“It’s a perfect day to be on the water” I commented to my friends as we kayaked. Blue sky, light breeze, and low humidity made for a picture perfect day to explore the Lost River.
The Lost River is located in Stuart, Florida just about ¼ mile east of the intersection of I-95 and Kanner Highway (76). Exit the interstate, go East and you’ll drive right over it.
Today, my friends and I put in at a little park just the other side of the river. This park has a boat ramp and a dock so it’s easy to load/unload kayaks and canoes.
We left from the boat dock and headed toward the west. At first glance, the river appears to be brown or even black in color. In the shallow portions, you can see the river is actually a tea color; which comes from tannins, a natural color caused by decaying plant material.
The first 20 minutes or so of leisure paddling takes us through the neighborhood and the view is mainly houses on the river. The homes are nice, but old style with an emphasis on enjoying the river rather than seeing who has the biggest home.
Once past that section, the river turns into the natural oasis. The banks are thick with lush trees including oak, palm and other varieties of green vegetation. The bank is so covered with foliage in most places that disembarking would require hacking a path. So for our breaks, we ‘d find an overhanging tree and hang out in the shade.
Like most adventures, there are multiple paths and the river is no exception. Staying left through a couple of forks takes us further down the river. One of the forks we went right and paddled around a lush, tree covered island that had a landing area. It appeared big enough to pitch a tent or just have lunch. We all agreed that’d be a fun place to pitch camp with some friends.
We continued down the river for about half an hour and then turned around. The river continued on, but the afternoon was fading fast.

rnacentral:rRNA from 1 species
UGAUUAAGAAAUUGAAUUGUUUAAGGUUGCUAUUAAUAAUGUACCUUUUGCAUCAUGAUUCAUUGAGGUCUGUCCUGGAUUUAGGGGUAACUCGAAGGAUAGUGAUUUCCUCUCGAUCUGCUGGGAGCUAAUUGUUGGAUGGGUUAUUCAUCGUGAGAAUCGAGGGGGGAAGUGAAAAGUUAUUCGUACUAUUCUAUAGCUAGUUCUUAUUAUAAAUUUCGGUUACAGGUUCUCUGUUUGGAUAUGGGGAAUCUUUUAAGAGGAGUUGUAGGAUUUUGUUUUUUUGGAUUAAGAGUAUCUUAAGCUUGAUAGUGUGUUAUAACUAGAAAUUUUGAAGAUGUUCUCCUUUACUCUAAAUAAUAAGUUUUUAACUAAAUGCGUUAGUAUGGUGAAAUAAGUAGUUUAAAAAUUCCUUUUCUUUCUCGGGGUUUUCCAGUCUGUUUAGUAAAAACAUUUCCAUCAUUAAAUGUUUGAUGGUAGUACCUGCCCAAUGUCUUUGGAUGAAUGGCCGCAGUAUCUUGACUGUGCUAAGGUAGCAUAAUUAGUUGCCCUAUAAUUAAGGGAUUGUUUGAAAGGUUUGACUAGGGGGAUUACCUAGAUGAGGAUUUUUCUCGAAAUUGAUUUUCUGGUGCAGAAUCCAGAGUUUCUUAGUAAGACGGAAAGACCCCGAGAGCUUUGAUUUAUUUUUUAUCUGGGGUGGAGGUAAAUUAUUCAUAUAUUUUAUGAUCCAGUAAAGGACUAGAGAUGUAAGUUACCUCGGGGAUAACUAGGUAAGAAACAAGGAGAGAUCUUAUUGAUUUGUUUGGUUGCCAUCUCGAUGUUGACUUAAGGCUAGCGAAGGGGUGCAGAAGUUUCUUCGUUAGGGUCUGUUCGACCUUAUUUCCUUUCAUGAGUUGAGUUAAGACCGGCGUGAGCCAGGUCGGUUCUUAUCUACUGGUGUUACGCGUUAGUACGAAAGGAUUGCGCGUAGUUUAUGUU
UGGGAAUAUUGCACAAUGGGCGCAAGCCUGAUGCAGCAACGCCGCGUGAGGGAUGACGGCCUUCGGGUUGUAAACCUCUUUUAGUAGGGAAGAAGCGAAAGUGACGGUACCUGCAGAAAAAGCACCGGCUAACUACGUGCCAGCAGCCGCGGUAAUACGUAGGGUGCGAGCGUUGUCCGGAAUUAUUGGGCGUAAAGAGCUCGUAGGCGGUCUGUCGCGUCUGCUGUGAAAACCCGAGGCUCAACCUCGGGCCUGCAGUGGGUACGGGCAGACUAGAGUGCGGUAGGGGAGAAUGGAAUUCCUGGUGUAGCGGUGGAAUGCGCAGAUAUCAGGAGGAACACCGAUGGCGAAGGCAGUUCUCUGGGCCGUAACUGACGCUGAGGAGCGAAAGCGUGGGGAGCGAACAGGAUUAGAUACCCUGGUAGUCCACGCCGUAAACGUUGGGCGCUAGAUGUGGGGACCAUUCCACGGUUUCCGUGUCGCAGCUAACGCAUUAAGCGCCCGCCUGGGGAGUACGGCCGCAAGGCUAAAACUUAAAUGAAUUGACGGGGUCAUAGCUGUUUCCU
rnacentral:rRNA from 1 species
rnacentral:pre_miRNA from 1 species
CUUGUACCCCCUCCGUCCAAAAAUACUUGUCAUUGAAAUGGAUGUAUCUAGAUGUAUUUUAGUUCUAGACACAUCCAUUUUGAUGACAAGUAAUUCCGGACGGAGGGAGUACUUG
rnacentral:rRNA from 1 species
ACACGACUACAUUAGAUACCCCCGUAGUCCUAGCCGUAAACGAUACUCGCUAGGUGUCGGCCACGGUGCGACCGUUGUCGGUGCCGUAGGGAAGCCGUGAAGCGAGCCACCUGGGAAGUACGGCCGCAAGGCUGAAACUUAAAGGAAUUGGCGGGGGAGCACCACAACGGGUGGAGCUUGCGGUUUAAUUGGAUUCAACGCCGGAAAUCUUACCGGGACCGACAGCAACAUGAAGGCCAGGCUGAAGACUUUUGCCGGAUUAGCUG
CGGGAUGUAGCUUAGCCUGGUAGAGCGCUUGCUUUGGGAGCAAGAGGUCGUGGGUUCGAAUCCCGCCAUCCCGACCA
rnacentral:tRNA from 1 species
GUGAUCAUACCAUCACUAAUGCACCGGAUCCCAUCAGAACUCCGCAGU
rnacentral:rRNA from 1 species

As we paddled toward the launching area, we spotted a large alligator sunning itself on the bank. My kayak is nine feet and this gator wasn’t much shorter from snout to tail. However , it was high up and far enough away to paddle up and get a few pictures.
My friends thought it was asleep, but as I kayaked around I saw his eyes open. As they drifted closer for a picture, the large gator ran down the bank and dove into the water right in front of my kayak! Can you say back paddle? I can and I did!!
The gator swam down the river for a bit, then went under and that’s the last we saw of him. Unless someone has been illegally feeding gators, they generally will run away first. However, when dealing with anything that can and will eat you, it’s best to err on the side of caution.
We made it back safe and dry and agreed that next time we’ll leave earlier so we have more time for exploration. This is one of those cool places that is just a few miles from home. Next time you’re out roaming, check out some of those “forgotten” places that are just down the street. You might just have your own Lost River begging for exploration.
Here’s a short video of the excursion: http://youtu.be/QSP-DNUekoA